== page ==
In his first outing since “Harry Potter,” Daniel Radcliffe hangs up his wizard’s hat and steps into a more serious and scary role in “The Woman in Black.” How scary and serious exactly? Well, the first thing noticeable is the fact that children are dropping like flies. And it’s not cheap horror and scares like “The Devil Inside.” This is a movie that begs to be seen. Just like Radcliffe’s character, you’ll find a mystery worth exploring here- even if it puts you in mortal danger.
Radcliffe plays Arthur Kipps, a young lawyer in charge of selling an old house in a small village. Problem is the villagers believe that there is a vengeful spirit called the Woman in Black terrorizing their children. They tell him to leave, but he insists on staying and exploring the house.
Radcliffe is great. It just goes to show just how talented and how far he came from being a boy wizard to an actor who can play just about anything. That’s not to say the rest of the cast is shoddy. The rest of the cast is brilliant. Props must go to Roger Allam as Mr. Bentley. Him and Radcliffe share some good chemistry together. They should share the screen more often.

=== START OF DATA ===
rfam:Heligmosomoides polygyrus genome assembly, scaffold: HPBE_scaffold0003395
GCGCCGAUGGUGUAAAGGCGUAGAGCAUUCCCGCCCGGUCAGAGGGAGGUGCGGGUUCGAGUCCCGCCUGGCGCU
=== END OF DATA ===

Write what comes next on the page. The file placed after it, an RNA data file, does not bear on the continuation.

The movie itself does not start of scary. A few jump scares is all you’re treated to, although it does create some good tension and atmosphere. The town itself has that scary, uncomfortable feeling that can make or break a film. That all changes when the third act comes along. That’s when the movie decides to go all out with its inclusion of fright. These aren’t cheap scares, either. These will stay with for a long while and are well implemented. They just keep coming at you so fast that there is no room for you to catch your breath.
It’s al thanks to a well-written story. It has a strong narrative with strong characters that are well thought out. None of it feels forced. The ending will make you leave the theater in tears. The film does an admirable job of characterization.
“The Woman in Black” is the first great horror movie of 2012 and is one of Radcliffe’s best films. With a quality story and creepy atmosphere, this picture more than makes up for the lackluster fright-fests currently in theaters.
But more importantly, it shows that Radcliffe is more than just a boy wizard; this man can act.